Financials sector improvement in Europe

There are three main reasons why we believe the European financials sector is more attractive today than in the past:

  1. We are seeing signs that top-line pressures have receded: loan growth for banks, premium growth for insurance companies and net new money for wealth management firms. The possibility that quantitative easing could taper down in the second half of 2017 is positive for net interest margins
  2. Regulatory headwinds have forced companies in the financials sector to beef up capital levels and meet strict stress tests. Those issues seem largely behind us
  3. Valuations remain attractive with P/E around 10x to 11x and a price-to-book ratio of 1x.4 In the U.K., Lloyds Banking Group PLC (1.10% of Invesco International Growth Class and 0.77% of Invesco European Growth Class as of March 31, 2017) reported strong first-quarter earnings and raised its targets for net interest margins, capital generation and provisions. We would still want to see signs of improving return on equity to increase our weights in European banks

First-quarter activity

In Europe in the first quarter, our strategies trimmed some exposure to consumer discretionary and media companies, as we have seen some potential headwinds in these areas.

We initiated a position in Italian bank Intesa Sanpaolo S.p.A. (0.70% of Invesco International Growth Class and 0.72% of Invesco European Growth Class as of March 31, 2017). We believe it is “the best house in a bad neighborhood,” and we like the fact that it is strongly capitalized, pays an attractive dividend of 6.5%,4 and is seeing a sequential improvement in nonperforming loans. We bought it in February 2017 at 0.85x tangible book value and less than 10x forward earnings.

Subscribe to the blog

Subscribe to receive notifications for: *


Do you want to subscribe in French?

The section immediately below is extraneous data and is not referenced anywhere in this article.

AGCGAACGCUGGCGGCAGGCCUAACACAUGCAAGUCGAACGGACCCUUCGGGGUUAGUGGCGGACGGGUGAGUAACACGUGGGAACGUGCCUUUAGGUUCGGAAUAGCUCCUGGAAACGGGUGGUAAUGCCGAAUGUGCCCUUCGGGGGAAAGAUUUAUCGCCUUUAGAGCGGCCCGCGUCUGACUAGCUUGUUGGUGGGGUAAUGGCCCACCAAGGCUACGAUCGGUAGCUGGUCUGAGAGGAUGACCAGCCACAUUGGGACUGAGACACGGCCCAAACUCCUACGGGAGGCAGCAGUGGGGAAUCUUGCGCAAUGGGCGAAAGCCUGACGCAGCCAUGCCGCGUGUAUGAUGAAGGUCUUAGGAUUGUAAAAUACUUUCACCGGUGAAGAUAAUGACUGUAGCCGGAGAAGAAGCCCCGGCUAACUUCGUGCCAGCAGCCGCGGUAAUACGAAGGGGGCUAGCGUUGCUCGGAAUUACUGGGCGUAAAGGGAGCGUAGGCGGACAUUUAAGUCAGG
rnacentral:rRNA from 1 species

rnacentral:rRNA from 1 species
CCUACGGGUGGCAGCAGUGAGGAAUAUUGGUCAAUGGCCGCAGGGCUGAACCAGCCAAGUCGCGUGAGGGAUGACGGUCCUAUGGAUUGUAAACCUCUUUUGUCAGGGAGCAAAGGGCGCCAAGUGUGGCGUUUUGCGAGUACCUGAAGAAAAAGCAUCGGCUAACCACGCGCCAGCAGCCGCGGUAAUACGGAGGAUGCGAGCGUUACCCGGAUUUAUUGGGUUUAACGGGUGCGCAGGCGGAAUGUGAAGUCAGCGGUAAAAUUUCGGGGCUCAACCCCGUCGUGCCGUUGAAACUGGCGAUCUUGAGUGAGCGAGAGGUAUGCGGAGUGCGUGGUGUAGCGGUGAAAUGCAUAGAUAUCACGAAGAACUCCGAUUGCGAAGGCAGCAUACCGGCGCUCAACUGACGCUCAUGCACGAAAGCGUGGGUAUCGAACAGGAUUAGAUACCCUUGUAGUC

Subscribe to receive e-mails from Invesco Canada Ltd. about this blog. To unsubscribe, please e-mail blog@invesco.ca or contact us.

1 Source: Bloomberg L.P., as of April 26, 2017. The U.K. is represented by the FTSE 100 Index, Europe by the MSCI Europe ex UK Index, and the U.S. by the S&P 500 Index.

2 Source: Credit Suisse, April 2017.

3 Source: Credit Suisse, April 2017. Europe is represented by the MSCI Europe ex UK Index, and the US by the S&P 500 Index. Consumer staples sector is represented by a Bloomberg European peer group sample.

4 Source: Bloomberg L.P., as of April 2017.

The Purchasing Managers Index is a commonly cited indicator of the manufacturing sector’s economic health, calculated by the Institute of Supply Management.

The FTSE 100 Index includes the 100 largest companies in terms of capitalization listed on the London Stock Exchange.

The MSCI Europe ex UK Index is a market-cap-weighted index used to measure the performance of non-UK European equities.

The S&P 500® Index is an unmanaged index considered representative of the US stock market.

An investment cannot be made in an index.

Price-to-earnings ratio measures a stock’s valuation by dividing its share price by its earnings per share.

Forward price-to-earnings ratio is one measure of the price-earnings ratio calculated with forecasted earnings, usually for the next 12 months or next full fiscal year, rather than current earnings.

The Shiller price-earnings (P/E) ratio, also known as the cyclically adjusted P/E ratio, is a valuation measure calculated using real per-share earnings over a 10-year period.

Price-to-book (P/B) ratio is calculated by dividing the market price of a stock by the book value per share.

Past performance cannot guarantee future results.

The risks of investing in securities of foreign issuers can include fluctuations in foreign currencies, political and economic instability, and foreign taxation issues.

The investment techniques and risk analysis used by the portfolio managers may not produce the desired results.

Leave a reply

Your email address will not be published. Required fields are marked *